OPEN MEETINGS -- The fact that most people working for local government agencies in California are "employees at will"subject to dismissal for any or no reasondoes not deprive them of the right to 24-hour written notice when the governing body of their agency proposes to discuss complaints or charges against them in closed session, the California Court of Appeal has ruled.
In its opinion filed April 30 in Kent v. Don Pedro Community Services District, the Fifth District Court of Appeal dealt with two district employees, General Manager Robert D. Kent and Treasurer Kimberly L.Topie, who were dismissed by the board of directors at an open and public meeting, and who sued alleging, among other things, that they had not been given the advance written notice required by the Brown Act. That statute requires, in Government Code Section 54957 (b) (2):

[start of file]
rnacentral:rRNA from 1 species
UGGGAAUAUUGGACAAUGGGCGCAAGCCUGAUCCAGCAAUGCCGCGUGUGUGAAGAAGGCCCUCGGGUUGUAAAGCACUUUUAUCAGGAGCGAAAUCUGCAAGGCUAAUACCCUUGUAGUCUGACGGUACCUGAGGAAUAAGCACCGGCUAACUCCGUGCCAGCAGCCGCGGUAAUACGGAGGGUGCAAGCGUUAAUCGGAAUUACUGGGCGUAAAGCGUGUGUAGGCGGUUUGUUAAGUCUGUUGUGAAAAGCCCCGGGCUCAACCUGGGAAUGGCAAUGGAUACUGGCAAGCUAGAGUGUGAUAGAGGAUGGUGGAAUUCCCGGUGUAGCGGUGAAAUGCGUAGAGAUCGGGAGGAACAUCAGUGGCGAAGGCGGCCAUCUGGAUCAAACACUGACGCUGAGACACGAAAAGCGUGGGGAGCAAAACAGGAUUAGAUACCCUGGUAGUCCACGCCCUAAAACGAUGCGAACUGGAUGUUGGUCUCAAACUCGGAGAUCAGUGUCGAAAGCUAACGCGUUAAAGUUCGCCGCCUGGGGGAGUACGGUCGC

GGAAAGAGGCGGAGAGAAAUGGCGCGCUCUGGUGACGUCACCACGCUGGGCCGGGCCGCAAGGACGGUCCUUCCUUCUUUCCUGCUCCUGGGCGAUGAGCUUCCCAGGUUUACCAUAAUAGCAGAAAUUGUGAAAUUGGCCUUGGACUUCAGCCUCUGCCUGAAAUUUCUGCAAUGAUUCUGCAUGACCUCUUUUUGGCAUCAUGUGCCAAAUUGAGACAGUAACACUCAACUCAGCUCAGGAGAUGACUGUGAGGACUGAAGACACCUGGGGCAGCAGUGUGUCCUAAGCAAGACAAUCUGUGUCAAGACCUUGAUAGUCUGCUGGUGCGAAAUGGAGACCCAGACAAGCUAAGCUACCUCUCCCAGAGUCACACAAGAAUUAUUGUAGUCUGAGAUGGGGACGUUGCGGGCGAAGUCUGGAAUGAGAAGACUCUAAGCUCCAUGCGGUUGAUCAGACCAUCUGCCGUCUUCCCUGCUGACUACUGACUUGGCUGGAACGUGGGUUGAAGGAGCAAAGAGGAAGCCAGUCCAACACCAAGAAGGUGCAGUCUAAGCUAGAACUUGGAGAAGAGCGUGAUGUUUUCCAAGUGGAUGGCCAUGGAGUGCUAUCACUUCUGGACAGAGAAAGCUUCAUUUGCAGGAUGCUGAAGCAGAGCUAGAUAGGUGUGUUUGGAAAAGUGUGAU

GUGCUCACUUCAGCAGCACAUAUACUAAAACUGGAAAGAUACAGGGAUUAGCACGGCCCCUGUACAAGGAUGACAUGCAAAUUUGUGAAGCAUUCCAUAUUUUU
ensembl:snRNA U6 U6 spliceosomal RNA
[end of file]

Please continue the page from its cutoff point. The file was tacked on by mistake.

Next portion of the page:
This notice was not provided, the employees said.
The Fifth District ruled that the employees could proceed in the trial court to try to prove the violations they alleged, and in doing so rejected the notion that, as employees at will, they had no right to the notice of complaints and charges.
It makes no difference that Kent and Topie were at-will employees. The relevant provisions of the Brown Act make no distinction between at-will employees and other employees. All local agency employees have the rights described in section 54957, subdivision (b). Section 54952.2, subdivision (b)(1), applies to all business within the local agency's jurisdiction. There is no exclusion for personnel matters concerning at-will employees.
Contrary to the district's view, there is no "conflict" between section 54957, subdivision (b)(2), and statutes on at-will employment, such as section 61050, subdivision (d), and Labor Code section 2922. There is no reason why a statute, such as the Brown Act, cannot give certain rights to employees who are terminable at will. There are many examples of statutes which do just that, such as antidiscrimination laws.